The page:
Recombinant PrPScshares structural features with brain-derived PrPSc: Insights from limited proteolysis

Alejandro M. Sevillano, Natalia Fernández-Borges, Neelam Younas, Fei Wang, Saioa R. Elezgarai, Susana Bravo, Ester Vázquez-Fernández, Isaac Rosa, Hasier Eraña, David Gil, Sonia Veiga, Enric Vidal, Melissa L. Erickson-Beltran, Esteban Guitián, Christopher J. Silva, Romolo Nonno, Jiyan Ma, Joaquín Castilla, Jesús R. Requena

    Research output: Contribution to journalArticleResearchpeer-review

    11 Citations (Scopus)

    Abstract

    © 2018 Public Library of Science. All Rights Reserved. Very solid evidence suggests that the core of full length PrPScis a 4-rung β-solenoid, and that individual PrPScsubunits stack to form amyloid fibers. We recently used limited proteolysis to map the β-strands and connecting loops that make up the PrPScsolenoid. Using high resolution SDS-PAGE followed by epitope analysis, and mass spectrometry, we identified positions ~116/118, 133–134, 141, 152–153, 162, 169 and 179 (murine numbering) as Proteinase K (PK) cleavage sites in PrPSc. Such sites likely define loops and/or borders of β-strands, helping us to predict the threading of the β-solenoid. We have now extended this approach to recombinant PrPSc(recPrPSc). The term recPrPScrefers to bona fide recombinant prions prepared by PMCA, exhibiting infectivity with attack rates of ~100%. Limited proteolysis of mouse and bank vole recPrPScspecies yielded N-terminally truncated PK-resistant fragments similar to those seen in brain-derived PrPSc, albeit with varying relative yields. Along with these fragments, doubly N- and C-terminally truncated fragments, in particular ~89/97-152, were detected in some recPrPScpreparations; similar fragments are characteristic of atypical strains of brain-derived PrPSc. Our results suggest a shared architecture of recPrPScand brain PrPScprions. The observed differences, in particular the distinct yields of specific PK-resistant fragments, are likely due to differences in threading which result in the specific biochemical characteristics of recPrPSc. Furthermore, recombinant PrPScoffers exciting opportunities for structural studies unachievable with brain-derived PrPSc.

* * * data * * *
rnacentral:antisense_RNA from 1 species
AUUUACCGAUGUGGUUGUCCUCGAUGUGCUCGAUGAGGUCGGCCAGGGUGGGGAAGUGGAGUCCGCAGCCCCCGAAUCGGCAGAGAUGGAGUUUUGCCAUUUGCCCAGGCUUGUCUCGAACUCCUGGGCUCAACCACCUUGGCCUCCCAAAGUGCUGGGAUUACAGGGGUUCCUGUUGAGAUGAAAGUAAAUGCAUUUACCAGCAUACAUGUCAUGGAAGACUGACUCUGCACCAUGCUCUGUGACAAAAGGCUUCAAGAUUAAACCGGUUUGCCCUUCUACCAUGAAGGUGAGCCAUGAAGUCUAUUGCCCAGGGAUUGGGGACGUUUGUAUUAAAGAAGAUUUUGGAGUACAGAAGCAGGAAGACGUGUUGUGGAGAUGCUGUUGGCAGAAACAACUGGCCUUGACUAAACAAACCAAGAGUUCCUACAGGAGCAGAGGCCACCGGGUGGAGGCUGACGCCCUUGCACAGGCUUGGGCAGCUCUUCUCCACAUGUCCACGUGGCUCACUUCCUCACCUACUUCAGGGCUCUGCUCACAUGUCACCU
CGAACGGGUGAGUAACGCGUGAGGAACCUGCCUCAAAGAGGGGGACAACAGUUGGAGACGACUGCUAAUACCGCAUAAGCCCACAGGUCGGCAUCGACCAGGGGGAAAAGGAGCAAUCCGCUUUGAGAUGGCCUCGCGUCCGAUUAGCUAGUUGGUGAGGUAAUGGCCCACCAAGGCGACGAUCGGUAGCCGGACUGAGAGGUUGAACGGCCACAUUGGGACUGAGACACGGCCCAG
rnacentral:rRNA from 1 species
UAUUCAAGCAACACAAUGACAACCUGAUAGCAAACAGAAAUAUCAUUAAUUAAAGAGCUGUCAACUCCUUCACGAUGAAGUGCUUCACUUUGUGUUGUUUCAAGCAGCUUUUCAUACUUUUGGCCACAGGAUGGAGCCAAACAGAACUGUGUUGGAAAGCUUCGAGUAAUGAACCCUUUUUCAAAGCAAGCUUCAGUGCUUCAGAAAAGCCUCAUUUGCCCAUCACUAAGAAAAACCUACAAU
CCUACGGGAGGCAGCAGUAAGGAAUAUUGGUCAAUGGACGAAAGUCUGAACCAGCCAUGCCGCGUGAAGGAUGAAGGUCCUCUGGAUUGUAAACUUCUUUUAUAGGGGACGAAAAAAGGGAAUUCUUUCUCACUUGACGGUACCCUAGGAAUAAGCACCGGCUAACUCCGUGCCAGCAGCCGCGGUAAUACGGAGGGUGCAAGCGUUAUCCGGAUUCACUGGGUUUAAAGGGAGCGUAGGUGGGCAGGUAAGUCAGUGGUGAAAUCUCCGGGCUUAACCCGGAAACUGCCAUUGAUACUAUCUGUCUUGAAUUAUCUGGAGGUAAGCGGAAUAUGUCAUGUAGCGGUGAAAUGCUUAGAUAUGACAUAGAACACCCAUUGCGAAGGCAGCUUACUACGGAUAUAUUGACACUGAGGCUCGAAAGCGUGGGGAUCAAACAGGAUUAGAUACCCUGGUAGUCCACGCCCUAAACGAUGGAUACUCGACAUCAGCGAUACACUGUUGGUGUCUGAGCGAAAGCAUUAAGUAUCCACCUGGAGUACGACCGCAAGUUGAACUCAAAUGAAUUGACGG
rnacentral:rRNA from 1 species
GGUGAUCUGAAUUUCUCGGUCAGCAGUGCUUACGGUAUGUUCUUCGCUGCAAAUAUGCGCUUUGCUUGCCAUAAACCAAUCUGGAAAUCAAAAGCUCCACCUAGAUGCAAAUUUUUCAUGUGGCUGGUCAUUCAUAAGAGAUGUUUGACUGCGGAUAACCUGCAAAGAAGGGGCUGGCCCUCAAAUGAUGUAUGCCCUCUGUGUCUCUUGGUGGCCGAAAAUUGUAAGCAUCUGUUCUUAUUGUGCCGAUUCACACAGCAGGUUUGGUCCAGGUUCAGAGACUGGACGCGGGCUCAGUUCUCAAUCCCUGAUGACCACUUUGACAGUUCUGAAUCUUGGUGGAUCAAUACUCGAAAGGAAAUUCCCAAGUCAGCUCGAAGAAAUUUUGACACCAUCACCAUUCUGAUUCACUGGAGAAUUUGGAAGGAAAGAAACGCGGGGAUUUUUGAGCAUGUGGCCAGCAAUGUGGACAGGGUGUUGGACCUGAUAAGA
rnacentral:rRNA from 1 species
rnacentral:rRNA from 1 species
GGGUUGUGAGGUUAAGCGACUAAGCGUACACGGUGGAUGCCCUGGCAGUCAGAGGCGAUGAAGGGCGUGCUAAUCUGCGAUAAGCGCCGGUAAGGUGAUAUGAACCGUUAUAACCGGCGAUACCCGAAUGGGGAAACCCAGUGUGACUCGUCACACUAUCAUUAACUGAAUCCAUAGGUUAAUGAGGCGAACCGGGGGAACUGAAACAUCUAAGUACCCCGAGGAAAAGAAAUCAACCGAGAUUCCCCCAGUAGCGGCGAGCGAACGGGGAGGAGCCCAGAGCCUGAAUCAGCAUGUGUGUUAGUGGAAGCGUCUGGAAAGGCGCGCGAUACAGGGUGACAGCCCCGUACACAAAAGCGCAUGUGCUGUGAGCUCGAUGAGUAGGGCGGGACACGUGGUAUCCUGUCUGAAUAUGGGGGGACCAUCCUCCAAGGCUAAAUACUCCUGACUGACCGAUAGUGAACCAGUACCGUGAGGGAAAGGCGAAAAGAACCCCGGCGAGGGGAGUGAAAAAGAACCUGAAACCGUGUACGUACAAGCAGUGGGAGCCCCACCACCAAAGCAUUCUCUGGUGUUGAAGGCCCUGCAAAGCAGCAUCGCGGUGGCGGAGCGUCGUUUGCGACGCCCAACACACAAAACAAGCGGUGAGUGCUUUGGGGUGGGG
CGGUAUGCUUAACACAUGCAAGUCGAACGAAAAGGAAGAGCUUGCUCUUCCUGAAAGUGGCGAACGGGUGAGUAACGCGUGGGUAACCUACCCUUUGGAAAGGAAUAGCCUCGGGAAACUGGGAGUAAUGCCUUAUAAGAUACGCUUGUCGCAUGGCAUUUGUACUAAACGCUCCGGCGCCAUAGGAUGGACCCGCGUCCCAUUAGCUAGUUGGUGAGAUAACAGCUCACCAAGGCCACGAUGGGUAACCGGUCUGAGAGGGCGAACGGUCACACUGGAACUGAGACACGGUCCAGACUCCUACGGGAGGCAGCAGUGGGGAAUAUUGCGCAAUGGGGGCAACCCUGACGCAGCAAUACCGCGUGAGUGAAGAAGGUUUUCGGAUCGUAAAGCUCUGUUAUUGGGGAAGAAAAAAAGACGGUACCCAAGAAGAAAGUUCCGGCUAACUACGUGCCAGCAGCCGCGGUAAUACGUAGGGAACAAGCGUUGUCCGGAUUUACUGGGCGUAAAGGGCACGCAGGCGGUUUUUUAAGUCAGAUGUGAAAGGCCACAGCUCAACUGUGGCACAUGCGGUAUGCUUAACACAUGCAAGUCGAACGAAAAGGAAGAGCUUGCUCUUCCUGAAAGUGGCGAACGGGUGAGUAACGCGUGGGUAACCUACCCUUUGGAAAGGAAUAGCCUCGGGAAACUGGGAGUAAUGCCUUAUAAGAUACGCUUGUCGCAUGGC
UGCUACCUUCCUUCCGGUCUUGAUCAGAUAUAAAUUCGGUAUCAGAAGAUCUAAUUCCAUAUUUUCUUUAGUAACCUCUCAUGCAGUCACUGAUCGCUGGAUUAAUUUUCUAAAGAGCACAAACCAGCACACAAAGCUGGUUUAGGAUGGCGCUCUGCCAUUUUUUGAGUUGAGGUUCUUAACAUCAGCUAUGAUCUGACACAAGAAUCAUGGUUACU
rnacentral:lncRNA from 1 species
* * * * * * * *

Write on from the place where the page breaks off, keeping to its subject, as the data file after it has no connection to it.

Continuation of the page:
Original languageEnglish
    Article numbere1006797
    JournalPLoS Pathogens
    Volume14
    Issue number1
    DOIs
    Publication statusPublished - 1 Jan 2018

    Fingerprint

    Dive into the research topics of 'Recombinant PrP<sup>Sc</sup>shares structural features with brain-derived PrP<sup>Sc</sup>: Insights from limited proteolysis'. Together they form a unique fingerprint.

    Cite this